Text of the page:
Michigan state Senate Majority Leader Mike Shirkey apologized Tuesday for calling the US Capitol riot a hoax and espousing several conspiracy theories implicating political leadership in a video recorded and posted to YouTube.

“That wasn’t Trump people,” Shirkey said of the Jan. 6 riots in a video taken in a restaurant.

“That’s been a hoax from day one, that was all pre-arranged,” Shirkey said, asserting that rioters “went in on separate buses, that was all arranged by somebody that was funding everyone.”

“Why wasn’t there more security? It was ridiculous, it was all staged,” he continued, before pointing to conspiracy theories that Republican leadership — including Senate Minority Mitch McConnell — were somehow involved, and questioning how and why some casualties occurred or were recorded.

Footage from the Jan. 6 insurrection clearly indicates that many participants wore Donald Trump-themed clothing and filmed their actions themselves, and law enforcement officials have detailed the various communicative failures that contributed to how the federal response unfolded.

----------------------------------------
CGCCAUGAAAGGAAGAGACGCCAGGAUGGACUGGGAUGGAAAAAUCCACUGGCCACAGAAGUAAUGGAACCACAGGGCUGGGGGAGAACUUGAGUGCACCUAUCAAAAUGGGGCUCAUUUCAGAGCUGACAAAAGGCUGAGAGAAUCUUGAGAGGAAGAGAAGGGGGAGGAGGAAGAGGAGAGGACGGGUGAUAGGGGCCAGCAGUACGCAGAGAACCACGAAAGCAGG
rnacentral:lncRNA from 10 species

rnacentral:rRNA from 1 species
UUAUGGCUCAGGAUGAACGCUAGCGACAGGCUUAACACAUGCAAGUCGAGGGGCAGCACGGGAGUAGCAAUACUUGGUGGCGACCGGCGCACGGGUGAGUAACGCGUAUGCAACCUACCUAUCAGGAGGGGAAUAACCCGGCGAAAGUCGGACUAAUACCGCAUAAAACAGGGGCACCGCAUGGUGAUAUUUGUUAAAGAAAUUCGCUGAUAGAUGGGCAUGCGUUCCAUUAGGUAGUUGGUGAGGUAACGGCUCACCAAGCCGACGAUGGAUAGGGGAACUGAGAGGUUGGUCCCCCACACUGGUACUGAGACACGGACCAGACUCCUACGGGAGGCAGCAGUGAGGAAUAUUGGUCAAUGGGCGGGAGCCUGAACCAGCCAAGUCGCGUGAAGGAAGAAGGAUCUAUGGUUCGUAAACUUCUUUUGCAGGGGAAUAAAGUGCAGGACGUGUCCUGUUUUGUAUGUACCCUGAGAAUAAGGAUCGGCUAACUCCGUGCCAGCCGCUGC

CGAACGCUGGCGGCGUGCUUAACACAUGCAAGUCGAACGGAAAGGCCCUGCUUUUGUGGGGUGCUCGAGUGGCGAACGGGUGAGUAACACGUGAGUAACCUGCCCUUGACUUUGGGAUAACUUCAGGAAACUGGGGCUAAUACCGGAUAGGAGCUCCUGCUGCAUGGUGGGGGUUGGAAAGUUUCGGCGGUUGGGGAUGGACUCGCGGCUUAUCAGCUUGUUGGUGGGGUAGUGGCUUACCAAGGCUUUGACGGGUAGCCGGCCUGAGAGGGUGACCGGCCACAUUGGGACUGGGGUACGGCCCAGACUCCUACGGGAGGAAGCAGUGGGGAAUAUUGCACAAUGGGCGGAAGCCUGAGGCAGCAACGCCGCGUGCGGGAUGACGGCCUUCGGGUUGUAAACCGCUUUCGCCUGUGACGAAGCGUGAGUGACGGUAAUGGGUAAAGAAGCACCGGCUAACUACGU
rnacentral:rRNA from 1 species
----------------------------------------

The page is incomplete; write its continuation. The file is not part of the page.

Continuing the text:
The recorded encounter with Shirkey occurred on Feb. 3 at Spangler’s Family Restaurant in Jonesville, Michigan, said Hillsdale County Republican Party Secretary Jon Smith, who told CNN that he posted the video on his personal YouTube page. “I didn’t trust him to be honest with me and I wanted to expose his lies and I might need it to keep it for my own record,” Smith said of his reason to film Shirkey.

The Metro Times in Detroit first reported on Shirkey’s comments.

In a statement Tuesday, Shirkey acknowledged the video tape was legitimate and apologized for his comments.

“I said some things in a videoed conversation that are not fitting for the role I am privileged to serve,” he said. “I own that. I have many flaws. Being passionate coupled with an occasional lapse in restraint of tongue are at least two of them.”

He continued, “I regret the words I chose, and I apologize for my insensitive comments.”

The remarks come as the FBI and other Department of Justice law enforcement agencies continue to track down and prosecute dozens of those involved in the siege of the Capitol that killed five people, including a Capitol Police officer. More than 200 had been charged as of Tuesday afternoon.

Participants so far have hailed from a variety of states, and some have been linked to far-right groups. Active military personnel and veterans are over-represented among the first 150 people to be arrested and have records released for federal offenses in the violence and insurrection at the US Capitol, according to an analysis by CNN of Pentagon records and court proceedings.